The managing director of Mexican government-owned Pemex PetroquÃmica SA predicts Mexico, a major importer of polyolefins, will be exporting polyethylene to the U.S. within a decade.
``The forecasts say the U.S. will import polyethylene within four or five years,'' Rafael Beverido LomelÃn said in an interview. ``They are exporting it at the moment. But nobody is building grass-roots plants anywhere [in the United States], and we think we can supply the U.S.''
In 2004, Mexico imported 3.7 billion pounds of polyolefins, according to Chemical Market Associates Inc. of Houston.
After five years on the job, Beverido is overseeing Pemex PetroquÃmica's decision to increase the capacity of its ethylene cracker in Coatzacoalcos from the current 1.32 billion pounds per year to 1.98 billion pounds.
``At the moment, we are in the process of assigning the basic engineering for the expansion of the cracker,'' Beverido said. ``The assigning needs to be done this year.'' He added that Pemex will invest about $1 billion in the project. The enlarged cracker should be running by late 2009 or early 2010.
Pemex also is building a PE plant with capacity of 661.3 million pounds per year in the same area, in a joint venture with Mexico City polymer company Grupo Idesa SA de CV and Nova Chemicals Corp. of Pittsburgh.
Indelpro SA de CV of Monterrey, Mexico, a polypropylene joint venture between Europe's Basell BV and Mexico's Grupo Alfa, may buy the propylene for its PP requirements.
``Secondary petrochemicals are open to the private sector in Mexico,'' Beverido said. ``Alfa is building a new polypropylene plant and will build a new one in Coatzacoalcos.'' More private investment in the sector will follow in the years to come, he said.
The Coatzacoalcos projects are scaled-down versions of Pemex's Phoenix Project, which was shelved. Due to be operating by 2009, the $1.9 billion project was to have provided 2.64 billion pounds of ethylene and 1.32 billion pounds of propylene per year, in addition to derivative PE and PP plants.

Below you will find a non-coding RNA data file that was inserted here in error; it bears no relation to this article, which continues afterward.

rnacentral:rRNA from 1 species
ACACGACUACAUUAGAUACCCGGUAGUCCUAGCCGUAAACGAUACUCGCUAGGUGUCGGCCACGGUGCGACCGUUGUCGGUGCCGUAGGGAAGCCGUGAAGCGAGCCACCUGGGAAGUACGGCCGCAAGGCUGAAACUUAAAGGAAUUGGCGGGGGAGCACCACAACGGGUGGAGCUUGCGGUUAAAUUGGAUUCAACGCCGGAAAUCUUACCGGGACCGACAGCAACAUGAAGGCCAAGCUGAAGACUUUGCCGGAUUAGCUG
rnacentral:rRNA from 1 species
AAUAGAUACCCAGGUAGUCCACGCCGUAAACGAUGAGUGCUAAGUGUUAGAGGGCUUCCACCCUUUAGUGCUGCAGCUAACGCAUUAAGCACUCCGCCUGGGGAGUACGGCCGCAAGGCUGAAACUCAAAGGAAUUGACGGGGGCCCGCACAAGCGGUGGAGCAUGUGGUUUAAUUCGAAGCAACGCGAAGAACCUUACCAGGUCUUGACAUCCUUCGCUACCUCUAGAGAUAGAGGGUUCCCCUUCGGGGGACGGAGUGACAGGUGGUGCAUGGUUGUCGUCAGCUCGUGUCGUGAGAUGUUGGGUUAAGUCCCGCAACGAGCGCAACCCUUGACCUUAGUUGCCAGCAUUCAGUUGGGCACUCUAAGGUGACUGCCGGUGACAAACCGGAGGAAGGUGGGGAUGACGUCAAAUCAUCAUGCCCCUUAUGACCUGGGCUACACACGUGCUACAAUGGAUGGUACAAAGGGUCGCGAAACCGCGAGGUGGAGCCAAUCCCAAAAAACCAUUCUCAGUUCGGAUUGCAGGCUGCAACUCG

However, the project came to a shuddering halt after several years' planning, when Pemex and its private-sector partners failed to agree on feedstock prices.
``The first idea was to have a totally new cracker,'' Beverido said. ``It was to be a private-sector and Pemex joint venture. But the raw material for this new cracker had to be natural gasoline and the price for the natural gasoline was the problem.''
Pemex's partners in the original project were, as now, Nova, Idesa and Indelpro. Pemex was to have had a minority interest in the complex and supply feedstocks.
Beverido plans to announce the joint venture's name in August or September.
The cracker uses technology from ABB Lummus Global of Zurich, Switzerland. Pemex will put the supply of the rest of the equipment out to tender, he said.
``The Mexican petrochemical sector for the past 10 years has not moved. Now the sector finds the market is big and growing,'' he added.
Referring to the ongoing dispute over who won July's presidential election in Mexico, the populist Andrés Manuel LÃ³pez Obrador or the pro-business Felipe CalderÃ³n Hinojosa, Beverido said: ``It doesn't matter who the new president will be [in December]. We have to move in the same direction. We have long- range plans and I think we are on the right path.''
He insists there is ``a terrible shortage'' of raw materials for the plastics industry worldwide. ``The main factor is the hurricanes that are creating a big, big problem. At this time no one knows what will happen this coming hurricane season.